My guess is that both these vehicles were built by coachbuilder J. Tom Moore & Sons: http://www.coachbuilt.com/bui/m/moore/moore.htm In addition to bank armored trucks, this company built riot vehicles for police departments. In 1967, the vehicles they were building for police departments weighed 33,000 pounds – hence the extra wheels.

    Like 14
    • That Guy

      I think we have a winner.

      Like 6
  28. TouringFordor

    The drive shaft is twisted in two. Maybe the body is a bit too heavy…

  29. Cristiana

    What a find! This vehicle is the long-lost first prototype of the Herkimer Battle Jitney.

    Like 1
  30. 433jeff

    It looks a little Jed Klampit Meets Fred Flintstone. Good thing for those special bends in the shifter, nothing worse than trying to ram the Bad Guys and finding out your in nuetral

  31. Terrry

    This is the war vehicle that Scotty Kilmer would build.

    Like 3
  32. Lance

    Wasn’t this thing was in a parade ? Yeah John Belushi was driving it .Yeah thats it.

    Like 2
  33. geezerglide85

    John, I think you’re right about the armored car lineage, but it was “modified” for tactical use somewhere along the way. What’s baffling is this is on govt. property web site, so was this really used for that purpose? And how did it get titled as a “42 Chevy?

    Like 2
  34. That Guy

    I’m going to respectfully disagree with the folks who are writing this off as a redneck backyard build fueled by moonshine and too much sun. The dual wheels with a thick steel plate between them is a utilitarian detail I can’t imagine Billy-Bob and Bubba thinking of. Everything about it looks well-built, well thought out, and made for a very specific purpose. Now what that purpose may have been, and who built it and when? Those remain open questions.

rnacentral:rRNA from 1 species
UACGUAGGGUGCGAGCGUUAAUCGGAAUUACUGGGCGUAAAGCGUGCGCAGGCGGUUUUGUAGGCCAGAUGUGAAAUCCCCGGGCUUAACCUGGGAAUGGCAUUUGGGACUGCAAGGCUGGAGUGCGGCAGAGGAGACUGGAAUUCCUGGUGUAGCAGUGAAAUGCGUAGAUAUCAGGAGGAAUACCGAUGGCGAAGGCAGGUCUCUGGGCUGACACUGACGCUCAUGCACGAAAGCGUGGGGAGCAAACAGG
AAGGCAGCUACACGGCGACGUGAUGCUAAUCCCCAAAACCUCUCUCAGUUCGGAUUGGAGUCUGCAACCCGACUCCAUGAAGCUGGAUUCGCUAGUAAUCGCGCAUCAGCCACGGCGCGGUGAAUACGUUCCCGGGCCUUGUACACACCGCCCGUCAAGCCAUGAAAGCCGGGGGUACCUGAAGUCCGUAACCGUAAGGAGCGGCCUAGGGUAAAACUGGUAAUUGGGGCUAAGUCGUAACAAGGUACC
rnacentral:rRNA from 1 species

Like 6
  35. Howie Mueler

    $1,500 now, why would anyone want this?

    Like 2
  36. Bill McCoskey

    I believe this is a fairly rare example of what was called either a mobile bank, or an armored payroll vehicle. Years ago I saw a photo of an almost identical main body as seen here, minus the later front end [including firewall and dash from the International and matching fenders.

    I see 3 stages of build on this: 1. The original 1942 Chevrolet chassis and running gear with the original armored body. 2. The later update using the International parts, and 3. Later additions to turn this into a tactical vehicle. most likely done by a local welding shop for a medium size town or city.

    I remember years ago during a factory tour, seeing a photo of the special armored payroll truck outside the GM Baltimore assembly plant, with a line of employees stretched out the back of the truck. The large rear door was open, and a place for an employee to approach a small window was just inside the open back door.

    The employee would step up, hand their payroll slip to the cashier inside, and be handed an envelope marked with the employees name or number, with the pre-counted cash inside.